In 2018, Minnesota’s first jointless fiber-reinforced concrete (FRC) pavement roundabout was constructed near the city of Sleepy Eye. It is of interest to the NRRA Rigid Team members to understand the design, construction, and near-term performance of this roundabout. Also constructed in 2018 were two fiber-reinforced concrete whitetopping (bonded concrete overlay on asphalt) projects in southern Minnesota. These projects were unique in that early construction vehicle loading was applied to each project to encourage the deployment of transverse contraction joints. The NRRA Rigid Team members are interested in documenting the innovative steps performed during the early loading process.

The objectives of this study are twofold:

  1. Write a construction report and carryout a 3-year performance monitoring regime for the jointless FRC roundabout project
  2. Write a construction report for the two FRC whitetopping projects subjected to early loading.

Visit the MnROAD website for webinar connection information.

Team Receives NSF Grant to Study ‘Smart e-Scooters’

This article was originally published in Catalyst, November 2020.

Electric scooters let riders move quickly between the roadway and the sidewalk, but these sometimes-unpredictable travel patterns can pose risk for riders and the people around them. Making scooters smarter is the goal of a new U of M research project funded by the National Science Foundation (NSF). Under the $1.2 million Cyber-Physical Systems grant, a cross-disciplinary team will study smart tracking systems on scooters for ensuring safe and smooth interaction with other vehicles and pedestrians.

Continue reading Team Receives NSF Grant to Study ‘Smart e-Scooters’

Smartphone-Based Coaching for New Teen Drivers May Offer Long-Term Benefits

This article was originally published in Catalyst, August 2020.

More than five years ago, U of M researchers studied a group of new teen drivers to gauge the effects of real-time, in-vehicle coaching with their innovative Teen Driver Support System (TDSS) smartphone application. Now, a follow-up study offers new understanding about the system’s long-term effectiveness in reducing risky driving behavior.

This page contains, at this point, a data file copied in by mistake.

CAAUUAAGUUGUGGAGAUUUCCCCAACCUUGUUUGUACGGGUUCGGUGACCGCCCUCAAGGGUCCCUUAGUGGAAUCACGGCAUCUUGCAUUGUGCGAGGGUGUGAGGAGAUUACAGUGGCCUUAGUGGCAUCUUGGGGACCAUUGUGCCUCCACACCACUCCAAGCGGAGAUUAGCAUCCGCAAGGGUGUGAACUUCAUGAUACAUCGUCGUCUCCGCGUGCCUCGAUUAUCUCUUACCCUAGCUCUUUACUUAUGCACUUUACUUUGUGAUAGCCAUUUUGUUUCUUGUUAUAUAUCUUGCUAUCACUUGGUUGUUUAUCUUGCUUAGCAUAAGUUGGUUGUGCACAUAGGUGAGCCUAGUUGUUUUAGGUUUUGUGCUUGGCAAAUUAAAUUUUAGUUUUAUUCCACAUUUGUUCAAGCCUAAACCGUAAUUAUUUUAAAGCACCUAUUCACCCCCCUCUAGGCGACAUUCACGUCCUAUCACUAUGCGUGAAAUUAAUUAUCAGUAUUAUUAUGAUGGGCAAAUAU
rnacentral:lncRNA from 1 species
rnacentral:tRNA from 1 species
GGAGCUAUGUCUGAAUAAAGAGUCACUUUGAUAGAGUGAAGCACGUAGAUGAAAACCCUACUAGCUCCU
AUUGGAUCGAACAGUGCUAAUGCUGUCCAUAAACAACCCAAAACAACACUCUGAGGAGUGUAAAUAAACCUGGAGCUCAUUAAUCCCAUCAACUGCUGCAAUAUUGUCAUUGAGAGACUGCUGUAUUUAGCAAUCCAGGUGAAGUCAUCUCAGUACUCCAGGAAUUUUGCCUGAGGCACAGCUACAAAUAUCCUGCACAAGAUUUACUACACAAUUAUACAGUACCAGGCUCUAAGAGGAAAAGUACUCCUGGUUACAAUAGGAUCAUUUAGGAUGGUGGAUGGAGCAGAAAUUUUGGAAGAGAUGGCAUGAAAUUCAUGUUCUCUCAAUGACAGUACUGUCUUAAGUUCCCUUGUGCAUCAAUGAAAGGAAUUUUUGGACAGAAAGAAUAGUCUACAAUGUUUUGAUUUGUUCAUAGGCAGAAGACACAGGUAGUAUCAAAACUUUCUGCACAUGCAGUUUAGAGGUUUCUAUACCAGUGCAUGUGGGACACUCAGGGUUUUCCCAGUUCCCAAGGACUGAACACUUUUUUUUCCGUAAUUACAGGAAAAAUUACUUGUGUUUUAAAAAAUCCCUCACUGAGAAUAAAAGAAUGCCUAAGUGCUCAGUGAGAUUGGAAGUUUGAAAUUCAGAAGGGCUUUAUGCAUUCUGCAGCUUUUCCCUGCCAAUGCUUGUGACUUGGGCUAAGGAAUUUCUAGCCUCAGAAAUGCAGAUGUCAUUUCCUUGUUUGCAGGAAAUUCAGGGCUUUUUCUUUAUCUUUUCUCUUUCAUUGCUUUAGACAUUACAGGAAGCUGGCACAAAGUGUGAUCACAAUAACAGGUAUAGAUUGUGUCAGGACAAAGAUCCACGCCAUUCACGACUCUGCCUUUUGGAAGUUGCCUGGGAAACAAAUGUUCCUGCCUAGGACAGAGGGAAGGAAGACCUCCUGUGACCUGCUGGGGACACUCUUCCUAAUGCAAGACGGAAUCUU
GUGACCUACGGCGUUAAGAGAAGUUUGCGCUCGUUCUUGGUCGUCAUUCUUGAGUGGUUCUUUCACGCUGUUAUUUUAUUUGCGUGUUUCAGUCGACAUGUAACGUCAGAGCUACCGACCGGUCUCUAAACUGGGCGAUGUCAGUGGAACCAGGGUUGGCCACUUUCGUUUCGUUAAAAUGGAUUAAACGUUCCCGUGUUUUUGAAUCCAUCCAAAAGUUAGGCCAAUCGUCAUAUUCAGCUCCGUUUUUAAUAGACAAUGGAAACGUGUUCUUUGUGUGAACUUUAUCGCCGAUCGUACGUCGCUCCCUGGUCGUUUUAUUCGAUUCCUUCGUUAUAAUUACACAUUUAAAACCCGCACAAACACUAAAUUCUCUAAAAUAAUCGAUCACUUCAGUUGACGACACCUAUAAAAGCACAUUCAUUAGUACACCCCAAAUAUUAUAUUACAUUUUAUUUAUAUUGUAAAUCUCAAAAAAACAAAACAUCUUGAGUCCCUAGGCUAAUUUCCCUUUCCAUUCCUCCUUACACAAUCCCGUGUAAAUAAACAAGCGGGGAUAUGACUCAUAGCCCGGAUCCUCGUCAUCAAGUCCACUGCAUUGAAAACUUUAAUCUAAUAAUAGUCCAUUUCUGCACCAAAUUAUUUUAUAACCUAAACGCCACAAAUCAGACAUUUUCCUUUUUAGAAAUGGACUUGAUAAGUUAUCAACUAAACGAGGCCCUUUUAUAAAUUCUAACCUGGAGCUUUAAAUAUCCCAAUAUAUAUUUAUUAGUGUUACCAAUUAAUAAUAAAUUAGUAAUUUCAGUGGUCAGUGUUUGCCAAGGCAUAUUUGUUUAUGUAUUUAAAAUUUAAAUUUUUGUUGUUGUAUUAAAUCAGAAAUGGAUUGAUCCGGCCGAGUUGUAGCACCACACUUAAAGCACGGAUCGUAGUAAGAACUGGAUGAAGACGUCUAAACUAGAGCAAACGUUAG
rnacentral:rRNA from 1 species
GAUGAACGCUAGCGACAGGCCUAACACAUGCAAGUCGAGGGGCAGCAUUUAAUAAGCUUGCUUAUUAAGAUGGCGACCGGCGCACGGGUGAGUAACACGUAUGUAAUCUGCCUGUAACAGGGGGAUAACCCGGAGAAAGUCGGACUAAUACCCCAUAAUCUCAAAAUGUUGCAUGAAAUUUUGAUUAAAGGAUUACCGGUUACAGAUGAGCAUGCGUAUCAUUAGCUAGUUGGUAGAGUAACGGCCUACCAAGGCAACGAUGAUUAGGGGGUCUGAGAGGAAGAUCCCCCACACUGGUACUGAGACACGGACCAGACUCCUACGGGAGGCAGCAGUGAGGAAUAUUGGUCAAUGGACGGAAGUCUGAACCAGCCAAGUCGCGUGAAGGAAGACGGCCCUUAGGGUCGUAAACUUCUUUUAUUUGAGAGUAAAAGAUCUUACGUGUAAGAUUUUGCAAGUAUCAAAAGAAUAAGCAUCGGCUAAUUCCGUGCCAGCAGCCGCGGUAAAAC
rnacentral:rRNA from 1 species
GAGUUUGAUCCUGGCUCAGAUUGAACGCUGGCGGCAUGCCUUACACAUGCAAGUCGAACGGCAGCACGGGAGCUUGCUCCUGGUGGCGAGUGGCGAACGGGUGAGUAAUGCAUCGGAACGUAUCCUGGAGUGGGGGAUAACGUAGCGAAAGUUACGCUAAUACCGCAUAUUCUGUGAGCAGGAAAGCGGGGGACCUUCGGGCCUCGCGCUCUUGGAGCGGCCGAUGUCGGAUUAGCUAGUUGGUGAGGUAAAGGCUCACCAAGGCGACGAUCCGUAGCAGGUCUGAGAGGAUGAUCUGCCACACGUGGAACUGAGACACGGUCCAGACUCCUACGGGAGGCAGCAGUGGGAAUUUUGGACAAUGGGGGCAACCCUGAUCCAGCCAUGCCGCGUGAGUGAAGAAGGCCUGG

Continue reading Smartphone-Based Coaching for New Teen Drivers May Offer Long-Term Benefits

Link Between Air Quality, Happiness Could Guide Infrastructure Decisions

This article was originally published in Catalyst, August 2020.

By connecting measures of happiness to transportation, researchers are developing new metrics that can help cities prioritize infrastructure investments. In a new study, a research team that included Humphrey School of Public Affairs professor Yingling Fan found that air quality appears to be linked with a variety of emotional well-being (EWB) outcomes.

Continue reading Link Between Air Quality, Happiness Could Guide Infrastructure Decisions

MnDOT Announces COVID-19 Research Funding

The COVID-19 crisis has affected every aspect of the transportation systems, with state DOTs and local agencies at the forefront of responding to changes, while continuing to meet core missions of providing safe, efficient, and effective transportation systems. To proactively respond and inform future decision-making related to COVID-19’s impact on the transportation sector, MnDOT is investing in research to answer questions specific to the impact of the COVID crisis on Minnesota’s transportation system.

Continue reading MnDOT Announces COVID-19 Research Funding

Promoting Snow Fence Adoption in Minnesota

A new research study has shown that few landowners know about MnDOT’s snow fence program, its benefits to community safety and mobility, and incentives to install snow fences. Following community meetings and surveys in four regions of Minnesota, researchers identified promising promotional methods for the snow fence program, the constraints landowners face in adopting snow fences, and incentives and assistance to improve snow fence adoption. Project results will guide MnDOT’s efforts to expand the use of snow fences around the state

Continue reading Promoting Snow Fence Adoption in Minnesota